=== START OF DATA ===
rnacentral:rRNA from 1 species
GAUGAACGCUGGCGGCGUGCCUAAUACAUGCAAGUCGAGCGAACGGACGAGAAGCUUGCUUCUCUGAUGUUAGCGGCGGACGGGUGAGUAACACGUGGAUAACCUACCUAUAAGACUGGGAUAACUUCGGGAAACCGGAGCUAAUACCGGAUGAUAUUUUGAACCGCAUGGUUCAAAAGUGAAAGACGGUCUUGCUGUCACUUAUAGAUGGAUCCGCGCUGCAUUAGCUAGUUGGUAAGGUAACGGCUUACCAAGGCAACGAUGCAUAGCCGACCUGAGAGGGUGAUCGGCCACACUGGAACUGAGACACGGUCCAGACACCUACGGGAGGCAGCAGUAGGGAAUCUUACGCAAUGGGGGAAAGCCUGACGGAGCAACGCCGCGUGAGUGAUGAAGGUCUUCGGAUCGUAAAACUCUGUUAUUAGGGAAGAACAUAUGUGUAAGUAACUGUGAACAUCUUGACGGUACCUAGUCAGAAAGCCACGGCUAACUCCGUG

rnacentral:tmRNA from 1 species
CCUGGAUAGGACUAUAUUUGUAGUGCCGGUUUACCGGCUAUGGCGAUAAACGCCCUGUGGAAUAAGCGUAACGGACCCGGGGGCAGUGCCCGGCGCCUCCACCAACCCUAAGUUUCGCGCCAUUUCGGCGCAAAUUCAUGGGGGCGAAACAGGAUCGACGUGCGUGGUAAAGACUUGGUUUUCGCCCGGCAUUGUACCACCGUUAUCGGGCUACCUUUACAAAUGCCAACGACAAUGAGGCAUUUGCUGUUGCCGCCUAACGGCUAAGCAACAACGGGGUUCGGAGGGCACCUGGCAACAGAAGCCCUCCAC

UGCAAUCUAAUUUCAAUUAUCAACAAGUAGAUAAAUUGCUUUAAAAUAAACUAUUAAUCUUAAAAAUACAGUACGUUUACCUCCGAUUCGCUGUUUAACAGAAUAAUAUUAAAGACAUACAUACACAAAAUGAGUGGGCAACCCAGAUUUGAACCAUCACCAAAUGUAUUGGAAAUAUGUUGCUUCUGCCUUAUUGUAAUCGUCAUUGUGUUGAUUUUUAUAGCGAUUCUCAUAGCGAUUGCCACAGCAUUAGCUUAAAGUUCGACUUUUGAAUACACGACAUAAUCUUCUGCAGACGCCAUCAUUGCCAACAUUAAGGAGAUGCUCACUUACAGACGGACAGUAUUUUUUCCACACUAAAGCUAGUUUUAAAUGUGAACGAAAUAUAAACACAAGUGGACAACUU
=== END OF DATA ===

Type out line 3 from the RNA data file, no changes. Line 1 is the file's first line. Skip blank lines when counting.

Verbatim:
rnacentral:tmRNA from 1 species